It’s a bombshell, but for a while it looked like they’d spiked the story. Now it’s up…
Further complicating the issue are websites like Obama.com—which is owned not by the Obama campaign but by Robert Roche, an American businessman and Obama fundraiser who lives in Shanghai. Roche’s China-based media company, Acorn International, runs infomercials on Chinese state television. Obama.com redirects to a specific donation page on BarackObama.com, the official campaign website. Unlike BarackObama.com, Obama.com’s traffic is 68 percent foreign, according to markosweb.com, a traffic-analysis website. According to France-based web analytics site Mustat.com, Obama.com receives over 2,000 visitors every day.
The name Robert W. Roche appears 11 times in the White House visitors log during the Obama administration. Roche also sits on the Obama administration’s Advisory Committee for Trade Policy and Negotiations, and is a co-chair of Technology for Obama, a fundraising effort. (In an email exchange, Roche declined to discuss his website, or his support for the Obama reelection effort, referring the inquiries to the Obama campaign team. The Obama campaign, in turn, says it has no control over Roche’s website; it also says only 2 percent of the donations associated with Obama.com come from overseas.)
But it isn’t just foreign donations that are a concern. So are fraudulent donations. In the age of digital contributions, fraudsters can deploy so-called robo-donations, computer programs that use false names to spew hundreds of donations a day in small increments, in order to evade reporting requirements. According to an October 2008 Washington Post article, Mary Biskup of Missouri appeared to give more than $170,000 in small donations to the 2008 Obama campaign. Yet Biskup said she never gave any money to the campaign. Some other contributor gave the donations using her name, without her knowledge. (The Obama campaign explained to the Post that it caught the donations and returned them.)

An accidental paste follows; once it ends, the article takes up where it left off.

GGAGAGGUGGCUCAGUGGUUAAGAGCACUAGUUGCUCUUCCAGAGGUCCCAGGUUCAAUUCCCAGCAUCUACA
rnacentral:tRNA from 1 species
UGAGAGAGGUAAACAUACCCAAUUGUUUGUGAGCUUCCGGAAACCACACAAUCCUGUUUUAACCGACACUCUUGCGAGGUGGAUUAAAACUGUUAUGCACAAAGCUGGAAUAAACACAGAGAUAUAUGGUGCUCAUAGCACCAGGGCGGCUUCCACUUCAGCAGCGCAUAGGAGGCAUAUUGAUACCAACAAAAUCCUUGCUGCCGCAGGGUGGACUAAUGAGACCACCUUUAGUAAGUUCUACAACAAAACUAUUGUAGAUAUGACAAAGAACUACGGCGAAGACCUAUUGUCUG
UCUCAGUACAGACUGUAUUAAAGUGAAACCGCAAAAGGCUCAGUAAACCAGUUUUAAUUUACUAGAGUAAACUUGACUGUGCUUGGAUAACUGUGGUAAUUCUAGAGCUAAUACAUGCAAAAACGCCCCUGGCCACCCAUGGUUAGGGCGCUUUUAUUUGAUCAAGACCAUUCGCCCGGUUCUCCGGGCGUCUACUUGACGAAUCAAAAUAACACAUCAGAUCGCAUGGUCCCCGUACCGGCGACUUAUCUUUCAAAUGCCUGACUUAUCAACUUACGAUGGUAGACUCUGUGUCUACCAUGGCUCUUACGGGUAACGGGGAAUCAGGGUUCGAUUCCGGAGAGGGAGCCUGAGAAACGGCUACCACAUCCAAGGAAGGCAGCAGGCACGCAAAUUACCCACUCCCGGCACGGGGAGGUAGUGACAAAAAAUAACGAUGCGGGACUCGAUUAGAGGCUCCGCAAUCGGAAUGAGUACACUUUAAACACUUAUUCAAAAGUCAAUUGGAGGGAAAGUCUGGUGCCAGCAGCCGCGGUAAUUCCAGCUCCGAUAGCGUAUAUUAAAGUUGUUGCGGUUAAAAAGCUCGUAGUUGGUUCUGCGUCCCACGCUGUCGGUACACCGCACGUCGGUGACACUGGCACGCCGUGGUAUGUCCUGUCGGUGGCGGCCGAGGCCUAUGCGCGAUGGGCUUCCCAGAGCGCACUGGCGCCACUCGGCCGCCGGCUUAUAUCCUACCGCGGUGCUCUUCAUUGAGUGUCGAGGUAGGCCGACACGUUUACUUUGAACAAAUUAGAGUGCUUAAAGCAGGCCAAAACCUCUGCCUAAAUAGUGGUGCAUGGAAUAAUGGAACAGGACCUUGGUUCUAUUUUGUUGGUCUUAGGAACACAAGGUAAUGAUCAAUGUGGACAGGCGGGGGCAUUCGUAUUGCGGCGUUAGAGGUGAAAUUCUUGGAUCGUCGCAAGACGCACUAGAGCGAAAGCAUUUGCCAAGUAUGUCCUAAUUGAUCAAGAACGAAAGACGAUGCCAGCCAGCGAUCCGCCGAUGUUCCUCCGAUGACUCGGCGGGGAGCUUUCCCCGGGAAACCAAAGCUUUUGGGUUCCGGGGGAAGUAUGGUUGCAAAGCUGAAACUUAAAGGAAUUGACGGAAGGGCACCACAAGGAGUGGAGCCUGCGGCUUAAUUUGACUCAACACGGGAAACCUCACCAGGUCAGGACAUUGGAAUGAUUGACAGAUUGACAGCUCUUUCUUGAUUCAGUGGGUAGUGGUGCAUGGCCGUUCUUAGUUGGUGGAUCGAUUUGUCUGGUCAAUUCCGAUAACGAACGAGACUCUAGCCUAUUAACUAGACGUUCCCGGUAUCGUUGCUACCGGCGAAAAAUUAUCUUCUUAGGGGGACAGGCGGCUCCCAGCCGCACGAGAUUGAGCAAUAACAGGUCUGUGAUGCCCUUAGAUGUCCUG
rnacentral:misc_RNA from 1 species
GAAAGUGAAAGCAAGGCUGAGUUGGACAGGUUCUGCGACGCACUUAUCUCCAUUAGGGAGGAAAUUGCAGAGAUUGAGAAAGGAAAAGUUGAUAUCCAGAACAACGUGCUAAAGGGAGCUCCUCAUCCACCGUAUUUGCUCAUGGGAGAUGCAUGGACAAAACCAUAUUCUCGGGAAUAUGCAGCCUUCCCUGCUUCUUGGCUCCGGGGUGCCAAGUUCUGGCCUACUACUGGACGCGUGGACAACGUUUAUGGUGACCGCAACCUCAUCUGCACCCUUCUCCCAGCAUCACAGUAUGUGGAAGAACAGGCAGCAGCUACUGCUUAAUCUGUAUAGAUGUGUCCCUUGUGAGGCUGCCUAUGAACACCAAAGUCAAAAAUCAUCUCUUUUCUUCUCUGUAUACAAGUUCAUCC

This makes it all the more surprising that the Obama campaign does not use a standard security tool, the card verification value (CVV) system—the three- or four-digit number often imprinted on the back of a credit card, whose purpose is to verify that the person executing the purchase (or, in this case, donation) physically possesses the card. The Romney campaign, by contrast, does use the CVV—as has almost every other candidate who has run for president in recent years, from Hillary Clinton in 2008 to Ron Paul this year. (The Obama campaign says it doesn’t use the CVV because it can be an inhibiting factor for some small donors.) Interestingly, the Obama campaign’s online store requires the CVV to purchase items like hats or hoodies (the campaign points out that its merchandise vendor requires the tool).
And this, which is chilling…
We also focused on the Obama campaign because it is far more successful than Romney when it comes to small donors—which the Internet greatly helps to facilitate. In September the Obama campaign brought in its biggest fundraising haul—$181 million. Nearly all of that amount (98 percent) came from small donations, through 1.8 million transactions.
The author of the piece is Peter Schweizer, who wrote a great book called Throw Them All Out, an expose’ on corruption in politics. Schweizer is the president of the Government Accountability Institute, which is behind a new website at CampaignFundingRisks.com. At that site you’ll find the full report, America The Vulnerable, on how the internet and campaign fundraising have combined to create a climate fraught with risk of abuse.
And in that 109-page report is a rather full rundown of the Obama.com saga skimmed over in the Newsweek story, and a relating of the Robert Roche story. It’s difficult to look through the material in the report and not come to the conclusion that Roche is doing the dirty work of enabling foreign donations to the president, with the campaign’s full cooperation.
Will this amount to much? Well, the conservative blogosphere, talk radio and Fox News are already buzzing about it. But the question is whether the scandal will reach beyond that. If it does, the public will surely be outraged. And that’s a development the already-reeling Obama campaign certainly can’t afford.